Eliza Jane Trimble was born on Aug. 24, 1816 to Ohio Gov. Allen Trimble and his wife in Hilsboro, Ohio. She married James H. Thompson, a local judge. Together they had three children.
By the 1870s, the issue of temperance was very important to Ohio residents. Hillsboro had more around 20 saloons and alcohol was also sold in drug stores for medicinal uses.
In 1873, Thompson attended a speech by Dr. Dio Lewis. He suggested that the town’s women protest against the saloons, and that they should pray for the bars to close.
On Dec. 23, 1873, women met at the Presbyterian church where they planned and executed a crusade to stop the sale of alcohol. A committee of about 50 citizens was formed and about $12,000 was given for financial support of the crusade.
On Christmas morning of 1873, somewhere between 75 and 115 women marched from the church to four drugstores. Out of the four drug stores, two signed a pledge to not sell alcohol. Mr. Dunn, a pharmacist, was opposed to any such movement and on Jan. 31, 1874, he gave notice to 30 women and approximately 30 men, that if they continued to interfere with his business, he would sue for damages and trespassing.
On Dec. 26, the saloons were visited and Thompson prayed in at least one of them.
Hillsboro is known to be the Cradle of the Crusade Movement. Eliza Jane Thompson is known to be the mother of the Temperance Movement. Hillsboro crusaders were successful in closing down the saloons. More than 100 other towns in Ohio begin to have their own marches to stop alcohol consumption.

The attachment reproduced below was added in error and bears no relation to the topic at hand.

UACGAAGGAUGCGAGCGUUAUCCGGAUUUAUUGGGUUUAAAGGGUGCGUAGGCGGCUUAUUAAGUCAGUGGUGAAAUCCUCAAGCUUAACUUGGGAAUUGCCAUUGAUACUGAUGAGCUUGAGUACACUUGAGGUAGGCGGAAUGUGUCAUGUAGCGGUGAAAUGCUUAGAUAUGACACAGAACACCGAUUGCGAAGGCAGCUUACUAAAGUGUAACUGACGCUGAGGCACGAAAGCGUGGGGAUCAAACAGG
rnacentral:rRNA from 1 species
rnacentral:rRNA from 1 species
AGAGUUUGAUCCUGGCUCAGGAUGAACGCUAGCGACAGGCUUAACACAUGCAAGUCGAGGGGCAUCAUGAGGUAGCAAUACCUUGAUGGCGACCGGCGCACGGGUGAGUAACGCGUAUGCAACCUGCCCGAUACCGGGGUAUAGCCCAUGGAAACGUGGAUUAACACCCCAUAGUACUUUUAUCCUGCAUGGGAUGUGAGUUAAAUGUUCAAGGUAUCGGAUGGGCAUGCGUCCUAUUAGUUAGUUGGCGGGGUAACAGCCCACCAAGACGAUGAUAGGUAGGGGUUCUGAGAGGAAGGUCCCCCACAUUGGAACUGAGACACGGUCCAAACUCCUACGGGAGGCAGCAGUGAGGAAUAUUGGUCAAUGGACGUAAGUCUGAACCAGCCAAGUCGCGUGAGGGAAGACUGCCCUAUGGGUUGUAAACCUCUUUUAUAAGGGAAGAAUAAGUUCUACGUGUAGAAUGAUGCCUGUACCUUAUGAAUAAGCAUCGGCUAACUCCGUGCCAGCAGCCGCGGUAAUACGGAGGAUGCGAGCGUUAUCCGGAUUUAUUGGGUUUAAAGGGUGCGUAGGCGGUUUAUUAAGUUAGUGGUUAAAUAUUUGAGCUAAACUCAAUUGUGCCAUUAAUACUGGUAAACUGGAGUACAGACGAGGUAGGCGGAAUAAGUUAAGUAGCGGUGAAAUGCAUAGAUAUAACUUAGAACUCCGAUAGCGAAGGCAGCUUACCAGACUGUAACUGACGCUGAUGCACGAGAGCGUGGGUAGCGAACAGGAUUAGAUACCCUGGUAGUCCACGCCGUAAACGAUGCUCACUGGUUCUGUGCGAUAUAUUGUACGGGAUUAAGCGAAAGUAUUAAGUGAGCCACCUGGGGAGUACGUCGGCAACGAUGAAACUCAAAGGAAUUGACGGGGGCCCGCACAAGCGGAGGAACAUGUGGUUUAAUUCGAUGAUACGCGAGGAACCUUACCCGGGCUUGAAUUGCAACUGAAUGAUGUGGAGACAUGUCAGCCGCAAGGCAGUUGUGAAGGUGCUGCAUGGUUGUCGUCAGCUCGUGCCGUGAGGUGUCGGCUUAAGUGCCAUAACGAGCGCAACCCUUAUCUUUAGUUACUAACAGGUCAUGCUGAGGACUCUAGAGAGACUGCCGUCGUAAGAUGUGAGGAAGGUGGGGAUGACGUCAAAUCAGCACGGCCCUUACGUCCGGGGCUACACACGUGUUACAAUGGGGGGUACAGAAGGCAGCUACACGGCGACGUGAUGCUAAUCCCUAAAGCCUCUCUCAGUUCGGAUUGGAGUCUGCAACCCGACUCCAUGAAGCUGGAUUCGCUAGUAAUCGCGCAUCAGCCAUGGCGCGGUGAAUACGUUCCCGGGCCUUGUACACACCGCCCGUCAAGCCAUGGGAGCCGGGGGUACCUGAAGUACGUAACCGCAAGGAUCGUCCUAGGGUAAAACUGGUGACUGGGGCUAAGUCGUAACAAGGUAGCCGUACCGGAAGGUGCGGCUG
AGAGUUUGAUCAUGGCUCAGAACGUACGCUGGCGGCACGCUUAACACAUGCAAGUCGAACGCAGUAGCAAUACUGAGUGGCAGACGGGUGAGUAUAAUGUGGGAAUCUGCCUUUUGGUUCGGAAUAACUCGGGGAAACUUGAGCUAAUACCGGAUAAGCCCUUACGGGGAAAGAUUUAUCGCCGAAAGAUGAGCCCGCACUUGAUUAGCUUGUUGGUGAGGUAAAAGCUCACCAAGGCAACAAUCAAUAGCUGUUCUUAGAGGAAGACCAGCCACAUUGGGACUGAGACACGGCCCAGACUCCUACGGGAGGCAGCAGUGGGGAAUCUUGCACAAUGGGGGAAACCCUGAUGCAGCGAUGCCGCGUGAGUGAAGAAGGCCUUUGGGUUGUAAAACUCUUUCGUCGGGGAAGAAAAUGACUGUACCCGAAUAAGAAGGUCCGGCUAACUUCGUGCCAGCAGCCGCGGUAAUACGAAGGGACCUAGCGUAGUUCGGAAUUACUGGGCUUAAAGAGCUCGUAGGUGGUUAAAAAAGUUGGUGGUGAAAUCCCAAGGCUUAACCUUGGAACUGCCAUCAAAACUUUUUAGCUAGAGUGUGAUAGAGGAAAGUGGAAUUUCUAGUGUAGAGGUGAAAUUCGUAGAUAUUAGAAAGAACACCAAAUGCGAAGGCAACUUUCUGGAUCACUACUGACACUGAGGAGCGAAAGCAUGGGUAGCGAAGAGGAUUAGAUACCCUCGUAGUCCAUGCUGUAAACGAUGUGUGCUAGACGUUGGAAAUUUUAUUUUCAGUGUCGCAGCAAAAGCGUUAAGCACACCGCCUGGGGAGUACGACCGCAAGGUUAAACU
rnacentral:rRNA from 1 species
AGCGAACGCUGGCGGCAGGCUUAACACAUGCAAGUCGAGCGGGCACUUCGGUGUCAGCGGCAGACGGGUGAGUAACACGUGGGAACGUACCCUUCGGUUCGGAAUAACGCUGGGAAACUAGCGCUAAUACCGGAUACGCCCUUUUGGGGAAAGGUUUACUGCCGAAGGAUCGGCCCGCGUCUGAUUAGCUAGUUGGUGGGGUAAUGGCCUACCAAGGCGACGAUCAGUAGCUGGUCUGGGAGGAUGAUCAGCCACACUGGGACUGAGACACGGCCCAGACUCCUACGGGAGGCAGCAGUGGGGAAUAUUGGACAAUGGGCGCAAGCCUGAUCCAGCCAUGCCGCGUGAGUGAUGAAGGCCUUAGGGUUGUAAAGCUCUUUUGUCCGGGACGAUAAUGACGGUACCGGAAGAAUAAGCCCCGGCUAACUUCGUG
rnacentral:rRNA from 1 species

Hillsboro and other towns became involved in the Women’s Christian Temperance Union, which was organized in the late 19th and early 20th centuries to limit or outlaw alcohol consumption.
It was thought that many citizens were living in an immoral manner, and people feared that God would no longer bless the United States. They also felt that alcohol was a threat to America’s political system.
The largest organization to advocate for temperance was the American Temperance Society. By the mid 1830s, it had 200,000 members. A statewide effort in Ohio didn’t happen until the 1850s. On Jan. 13, 1853, the Women’s Temperance Convention was held. The participants drafted a constitution and created the Ohio Women’s Temperance Society.
During the Civil War (1861-65), the Temperance Movement weakened, but quickly returned after the war.
In 1881, the Women’s Christian Temperance Union (WCTU), lobbied to legally mandate schools to teach temperance instruction. “Scientific Temperance” was taught in public and military schools and all federal territories.
The WCTU believes that any drinking is harmful, even medicinally. The WCTU to date has approximately 5,000 members. They are dedicated to educating young people on the effects of alcohol, illegal drugs and tobacco.
Eliza Jane “Mother” Thompson is known as a national and local leader of the Temperance Movement. She died on Nov. 3, 1905, and is buried in the Hillsboro Cemetery.
Sources for this story include: OhioHistorycentral.org, geni.com, wctu.org and freepages.rootsweb.com.
Jackie Wolgamott is a stringer for The Times-Gazette.